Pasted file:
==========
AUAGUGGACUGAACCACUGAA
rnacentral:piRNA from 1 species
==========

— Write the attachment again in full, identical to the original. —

AUAGUGGACUGAACCACUGAA
rnacentral:piRNA from 1 species